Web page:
MP Larry Miller responds to concerns
March 9, 2012
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A number of important issues that are of concern to many residents of Bruce and Grey counties have hit the media over the past couple of weeks. Changes to income tax refunds in Ontario, Bill C‐30 and race‐based hiring. I would like to take the opportunity to clarify these issues.
MP Larry Miller
Canadians were provided with misinformation from various vague and incorrect media reports about changes to their income tax refunds for 2011, which resulted in my office receiving many calls and emails from constituents. I want to assure you that the procedures to income tax refunds have not changed – you will receive your refund in a lump sum. The installment refunds reported by the media will only impact the recipients of the Ontario Trillium Benefit (OTA) payments and is the result of a recent decision made by the McGuinty Government and NOT the federal government. Constituents wishing to issue a complaint should contact the Ontario Ministry of Finance or MPP Bill Walker.
Another issue that has generated a significant amount of calls and emails to my office is the introduction of Bill C‐30, the Protecting Children from Internet Predators Act. Our government made a commitment to Canadians in the last election to keep our streets and communities safe. This is exactly what we are trying to do with both the omnibus crime bill and Bill C‐30. There is a lot of misinformation and misconceptions about this bill. The biggest misconception is that this bill would give police the ability or power to monitor emails and online activity without a warrant. This has got a lot of Canadians fired up, including a lot of you in Bruce‐Grey‐Owen Sound. I can assure you that Bill C‐30 will not allow police to do this without a warrant. Nothing has changed in that regard.
The goal of this bill is to adequately protect Canadians from online exploitation – especially children. All of the provinces support this bill and have been asking for this for some time now. Canada’s current laws do not adequately protect Canadians from online crime. We want to update our laws while striking the right balance between fighting crime and protecting the privacy of law‐abiding Canadians. I want to be clear: the police will not be able to read emails or view the internet activities of Canadians unless there is just cause and only with a warrant issued by a judge. This bill specifically targets criminals, sexual predators, gangs and terrorists, who may try to exploit technology to hide their illegal activities. It will NOT violate the privacy of law‐abiding Canadians.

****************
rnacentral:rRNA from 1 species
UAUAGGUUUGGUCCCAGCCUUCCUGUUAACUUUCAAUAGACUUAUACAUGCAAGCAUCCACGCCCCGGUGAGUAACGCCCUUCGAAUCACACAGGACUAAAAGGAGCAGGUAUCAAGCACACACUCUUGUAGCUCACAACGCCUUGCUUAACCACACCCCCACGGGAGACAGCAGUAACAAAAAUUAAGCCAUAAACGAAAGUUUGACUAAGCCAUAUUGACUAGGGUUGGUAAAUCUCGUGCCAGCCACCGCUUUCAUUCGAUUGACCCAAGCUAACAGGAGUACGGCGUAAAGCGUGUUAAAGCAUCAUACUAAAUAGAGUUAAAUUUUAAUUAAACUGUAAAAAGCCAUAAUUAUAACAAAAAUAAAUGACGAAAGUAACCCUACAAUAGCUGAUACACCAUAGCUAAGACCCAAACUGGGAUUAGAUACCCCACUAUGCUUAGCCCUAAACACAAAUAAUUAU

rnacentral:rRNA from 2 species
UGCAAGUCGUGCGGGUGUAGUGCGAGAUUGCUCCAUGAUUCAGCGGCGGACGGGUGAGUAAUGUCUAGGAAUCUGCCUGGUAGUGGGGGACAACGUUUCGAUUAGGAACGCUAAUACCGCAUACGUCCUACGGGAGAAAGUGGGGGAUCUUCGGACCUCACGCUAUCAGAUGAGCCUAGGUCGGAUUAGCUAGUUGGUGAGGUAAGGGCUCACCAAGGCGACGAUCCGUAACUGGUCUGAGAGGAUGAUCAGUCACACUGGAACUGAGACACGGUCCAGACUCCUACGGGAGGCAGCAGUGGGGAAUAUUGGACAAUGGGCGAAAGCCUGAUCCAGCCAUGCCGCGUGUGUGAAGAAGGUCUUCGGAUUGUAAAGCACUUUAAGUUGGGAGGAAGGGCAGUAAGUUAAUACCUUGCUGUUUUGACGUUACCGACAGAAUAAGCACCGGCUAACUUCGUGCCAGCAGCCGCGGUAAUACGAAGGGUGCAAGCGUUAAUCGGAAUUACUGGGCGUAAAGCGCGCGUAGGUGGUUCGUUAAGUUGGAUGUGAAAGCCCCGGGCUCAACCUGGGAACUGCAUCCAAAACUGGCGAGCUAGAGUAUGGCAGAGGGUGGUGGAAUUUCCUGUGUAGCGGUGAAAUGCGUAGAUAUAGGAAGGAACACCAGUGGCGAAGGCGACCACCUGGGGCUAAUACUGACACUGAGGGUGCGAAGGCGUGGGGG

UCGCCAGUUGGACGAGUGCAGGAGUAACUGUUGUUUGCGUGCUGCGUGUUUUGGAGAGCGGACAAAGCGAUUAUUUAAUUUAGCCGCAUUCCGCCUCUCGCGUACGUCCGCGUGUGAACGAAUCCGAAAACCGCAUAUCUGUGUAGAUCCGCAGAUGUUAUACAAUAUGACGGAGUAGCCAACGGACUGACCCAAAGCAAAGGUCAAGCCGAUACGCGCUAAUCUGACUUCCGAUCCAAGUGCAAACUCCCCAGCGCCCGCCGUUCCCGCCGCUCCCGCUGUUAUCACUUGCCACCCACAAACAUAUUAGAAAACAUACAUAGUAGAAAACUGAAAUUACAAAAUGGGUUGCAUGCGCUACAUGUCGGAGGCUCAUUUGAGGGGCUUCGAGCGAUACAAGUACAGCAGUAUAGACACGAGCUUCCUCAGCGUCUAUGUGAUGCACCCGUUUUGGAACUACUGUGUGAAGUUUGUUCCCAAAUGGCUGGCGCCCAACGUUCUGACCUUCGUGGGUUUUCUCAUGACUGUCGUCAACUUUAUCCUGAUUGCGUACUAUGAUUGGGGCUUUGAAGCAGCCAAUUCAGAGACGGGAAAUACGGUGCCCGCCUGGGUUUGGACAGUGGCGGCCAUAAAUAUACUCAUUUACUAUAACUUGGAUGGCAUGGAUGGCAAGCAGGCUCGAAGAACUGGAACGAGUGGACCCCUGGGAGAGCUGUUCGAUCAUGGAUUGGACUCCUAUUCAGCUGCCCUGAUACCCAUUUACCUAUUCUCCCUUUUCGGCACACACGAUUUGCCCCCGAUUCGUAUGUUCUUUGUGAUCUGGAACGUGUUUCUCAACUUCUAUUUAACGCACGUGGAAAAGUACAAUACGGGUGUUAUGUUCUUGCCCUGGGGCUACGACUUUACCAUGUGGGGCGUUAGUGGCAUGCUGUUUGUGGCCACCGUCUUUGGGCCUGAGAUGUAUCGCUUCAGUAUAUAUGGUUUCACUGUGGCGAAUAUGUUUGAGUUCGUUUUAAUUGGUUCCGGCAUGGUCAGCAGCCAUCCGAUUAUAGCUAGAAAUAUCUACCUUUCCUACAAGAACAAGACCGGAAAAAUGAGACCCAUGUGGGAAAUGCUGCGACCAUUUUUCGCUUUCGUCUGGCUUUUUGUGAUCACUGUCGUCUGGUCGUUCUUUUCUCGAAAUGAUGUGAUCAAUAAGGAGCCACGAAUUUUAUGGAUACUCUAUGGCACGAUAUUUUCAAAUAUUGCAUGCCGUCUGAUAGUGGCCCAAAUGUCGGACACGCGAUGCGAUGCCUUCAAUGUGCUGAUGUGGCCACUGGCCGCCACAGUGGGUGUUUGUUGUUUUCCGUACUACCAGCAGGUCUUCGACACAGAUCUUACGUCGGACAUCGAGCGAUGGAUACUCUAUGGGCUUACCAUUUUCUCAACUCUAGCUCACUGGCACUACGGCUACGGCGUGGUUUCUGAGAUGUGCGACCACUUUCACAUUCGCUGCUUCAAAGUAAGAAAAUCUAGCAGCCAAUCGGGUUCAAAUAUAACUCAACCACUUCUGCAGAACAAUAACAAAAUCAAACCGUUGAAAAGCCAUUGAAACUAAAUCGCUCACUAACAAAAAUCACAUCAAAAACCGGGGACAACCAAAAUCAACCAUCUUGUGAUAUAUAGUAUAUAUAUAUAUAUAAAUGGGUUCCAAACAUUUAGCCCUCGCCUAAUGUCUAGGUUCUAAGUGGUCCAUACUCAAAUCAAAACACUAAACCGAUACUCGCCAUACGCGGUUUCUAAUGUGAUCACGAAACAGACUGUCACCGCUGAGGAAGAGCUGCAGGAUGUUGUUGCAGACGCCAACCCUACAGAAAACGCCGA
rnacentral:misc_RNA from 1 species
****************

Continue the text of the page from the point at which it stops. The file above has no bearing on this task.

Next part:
Lastly, a February 21st article by Brian Lilley claimed that the Government of Canada is continuing race‐based hiring, despite our government’s promise to put an end to this unfair practice. If Mr. Lilley is correct (and he is in the case of Parks Canada), the practice has to stop. Our government said the practice of race‐based hiring would stop and all government departments should be immediately moving to fair and merit‐based hiring.
As I said, Parks Canada is one of the guilty parties when it comes to race‐based hiring AND they readily admit it. They continue to hire applicants based on the colour of their skin and not based on merit. They use the same practice when advertising for contract services.
Recently, a contract to provide firewood to Bruce Peninsula National Park was tendered. However, if you were non‐native, your tender would not be recognized. Another example is the construction of the road into the new Parks Canada Visitors Centre just south of Tobermory. The powers to be at Parks Canada decided they would only accept tenders from contractors who were native. When the one and only bid came in at almost double the estimated cost to build the road, they re‐tendered and opened it up to all contractors. The result was a winning bid that came in at $300,000 to $400,000 below the first tender.
I believe that no one should ever be offered a job (or contract) based on their race, gender, age or sexual orientation. An employer should conduct employment competitions in a fair manner and offer a job to the most qualified individual.
I am all for encouraging economic development and opportunities for natives and native communities, but it has to be done in a less discriminatory way than the policy Parks Canada operates under.
Larry Miller, M.P.
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Monday, March 12, 2012